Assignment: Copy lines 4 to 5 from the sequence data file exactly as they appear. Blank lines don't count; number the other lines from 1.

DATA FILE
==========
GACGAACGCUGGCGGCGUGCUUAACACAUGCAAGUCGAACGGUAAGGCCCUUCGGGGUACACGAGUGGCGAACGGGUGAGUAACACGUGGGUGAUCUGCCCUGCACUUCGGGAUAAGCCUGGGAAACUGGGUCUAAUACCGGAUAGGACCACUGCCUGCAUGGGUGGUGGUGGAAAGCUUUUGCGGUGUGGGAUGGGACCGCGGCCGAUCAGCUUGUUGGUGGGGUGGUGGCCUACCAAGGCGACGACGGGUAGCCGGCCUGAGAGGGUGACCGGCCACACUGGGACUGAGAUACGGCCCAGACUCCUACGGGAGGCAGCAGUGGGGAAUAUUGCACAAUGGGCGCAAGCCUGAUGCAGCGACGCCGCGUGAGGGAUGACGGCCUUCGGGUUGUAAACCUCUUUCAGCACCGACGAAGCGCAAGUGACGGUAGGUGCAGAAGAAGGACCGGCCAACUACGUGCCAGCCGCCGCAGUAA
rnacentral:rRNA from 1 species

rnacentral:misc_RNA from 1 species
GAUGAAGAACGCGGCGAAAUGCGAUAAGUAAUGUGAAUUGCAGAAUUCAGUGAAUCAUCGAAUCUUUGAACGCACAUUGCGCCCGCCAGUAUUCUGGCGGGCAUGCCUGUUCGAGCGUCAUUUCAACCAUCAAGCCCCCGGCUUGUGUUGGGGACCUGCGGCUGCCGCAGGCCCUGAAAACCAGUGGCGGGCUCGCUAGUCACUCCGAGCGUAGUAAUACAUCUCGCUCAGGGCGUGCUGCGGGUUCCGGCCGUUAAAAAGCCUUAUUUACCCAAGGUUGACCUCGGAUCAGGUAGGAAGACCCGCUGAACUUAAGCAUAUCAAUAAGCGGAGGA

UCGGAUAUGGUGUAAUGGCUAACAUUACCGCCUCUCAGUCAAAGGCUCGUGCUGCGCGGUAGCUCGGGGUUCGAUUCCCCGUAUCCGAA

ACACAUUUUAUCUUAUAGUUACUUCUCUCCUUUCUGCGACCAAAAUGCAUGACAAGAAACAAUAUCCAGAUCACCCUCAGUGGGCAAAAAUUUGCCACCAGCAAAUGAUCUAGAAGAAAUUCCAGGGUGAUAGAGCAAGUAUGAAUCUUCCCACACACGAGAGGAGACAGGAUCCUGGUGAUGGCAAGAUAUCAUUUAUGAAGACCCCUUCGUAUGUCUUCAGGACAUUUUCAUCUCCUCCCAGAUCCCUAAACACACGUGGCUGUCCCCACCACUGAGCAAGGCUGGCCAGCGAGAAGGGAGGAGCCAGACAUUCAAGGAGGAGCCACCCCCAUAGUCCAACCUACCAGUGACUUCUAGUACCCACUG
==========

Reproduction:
GAUGAAGAACGCGGCGAAAUGCGAUAAGUAAUGUGAAUUGCAGAAUUCAGUGAAUCAUCGAAUCUUUGAACGCACAUUGCGCCCGCCAGUAUUCUGGCGGGCAUGCCUGUUCGAGCGUCAUUUCAACCAUCAAGCCCCCGGCUUGUGUUGGGGACCUGCGGCUGCCGCAGGCCCUGAAAACCAGUGGCGGGCUCGCUAGUCACUCCGAGCGUAGUAAUACAUCUCGCUCAGGGCGUGCUGCGGGUUCCGGCCGUUAAAAAGCCUUAUUUACCCAAGGUUGACCUCGGAUCAGGUAGGAAGACCCGCUGAACUUAAGCAUAUCAAUAAGCGGAGGA

UCGGAUAUGGUGUAAUGGCUAACAUUACCGCCUCUCAGUCAAAGGCUCGUGCUGCGCGGUAGCUCGGGGUUCGAUUCCCCGUAUCCGAA